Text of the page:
• The program used peer-to-peer information flows among citizens to share and address common questions. Radio also created an important opportunity for dialogue and debate at the local level. Partner radio stations hosted regular call-in talk shows on Ebola-related topics, with experts—usually a medical professional or Ministry of Health representative—serving as guests. Community members would call in to have their questions and concerns addressed.
  • The program used feedback loops to adapt programming. In addition to gathering a near real-time assessment of critical and quickly changing community information needs, the targeted insights of the ECAP platform and network were used to refine behavior change messages and adapt programming. In the words of a representative of one national partner organization in Liberia, this enabled “discuss[ion] at the national level and among [partner organizations of] what is happening, what are the challenges, and [to] recommend a way forward.”[23]  Roden described how the real-time insights were used to adapt programming, saying, “The aim was to constantly change the messages to reflect what people knew. But we discovered that in the second round [of the learning surveys] that [the social mobilizers] didn’t fully understand the messages in the first round. So we had to reinforce the messages and then add some new material. The third round was better.”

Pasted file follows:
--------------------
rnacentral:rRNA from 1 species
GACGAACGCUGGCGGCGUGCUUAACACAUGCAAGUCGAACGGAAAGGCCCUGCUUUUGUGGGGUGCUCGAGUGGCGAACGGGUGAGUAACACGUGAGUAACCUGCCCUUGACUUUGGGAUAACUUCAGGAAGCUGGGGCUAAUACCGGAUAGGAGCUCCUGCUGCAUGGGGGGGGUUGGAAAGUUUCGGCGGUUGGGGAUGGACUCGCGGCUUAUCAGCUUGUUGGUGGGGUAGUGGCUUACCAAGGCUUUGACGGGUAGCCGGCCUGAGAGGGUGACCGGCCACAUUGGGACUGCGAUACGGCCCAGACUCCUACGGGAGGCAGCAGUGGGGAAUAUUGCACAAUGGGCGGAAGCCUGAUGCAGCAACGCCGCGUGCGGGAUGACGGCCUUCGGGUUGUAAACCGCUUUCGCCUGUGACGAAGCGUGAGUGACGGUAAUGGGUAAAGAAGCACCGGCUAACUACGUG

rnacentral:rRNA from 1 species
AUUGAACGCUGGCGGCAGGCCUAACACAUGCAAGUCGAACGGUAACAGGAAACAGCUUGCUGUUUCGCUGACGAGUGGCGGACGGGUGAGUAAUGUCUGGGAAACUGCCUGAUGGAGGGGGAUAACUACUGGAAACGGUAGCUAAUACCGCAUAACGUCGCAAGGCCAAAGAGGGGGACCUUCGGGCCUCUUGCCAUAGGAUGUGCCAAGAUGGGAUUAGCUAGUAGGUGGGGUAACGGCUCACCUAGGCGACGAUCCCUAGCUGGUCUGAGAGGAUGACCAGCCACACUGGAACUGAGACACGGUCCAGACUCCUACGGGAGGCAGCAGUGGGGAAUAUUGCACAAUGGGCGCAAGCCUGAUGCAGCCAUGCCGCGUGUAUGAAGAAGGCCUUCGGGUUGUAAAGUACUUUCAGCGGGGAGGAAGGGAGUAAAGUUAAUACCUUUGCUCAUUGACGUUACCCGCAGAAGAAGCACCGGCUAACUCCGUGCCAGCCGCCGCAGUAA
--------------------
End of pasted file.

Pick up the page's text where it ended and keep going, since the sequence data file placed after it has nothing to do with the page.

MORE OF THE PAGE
Challenges

  • Despite the rich data that the ECAP program produced, it is not possible to know which aspects or channels of behavior change programming were most essential to turning the tide of new cases. Digital behavior change communications did enable real-time adjustments of behavior change messaging, however, based on changing sentiments and information.
  • As with other programs using digital technologies in the Ebola outbreak response, technical glitches did affect digital aspects of the programming. In particular, mobile data connections were sparse in rural areas resulting in delayed or undelivered messages--particularly in the southeast of the country, where mobile network connectivity gaps were larger.
  • RapidPro, the SMS platform the program initially had intended to use to send messages and reminders to social mobilizers faltered in the early stages of the response. According to Jeff Wishnie, Senior Director of Program Technology at Mercy Corps, “Out of 10 [text messages] sent only a few would get through.”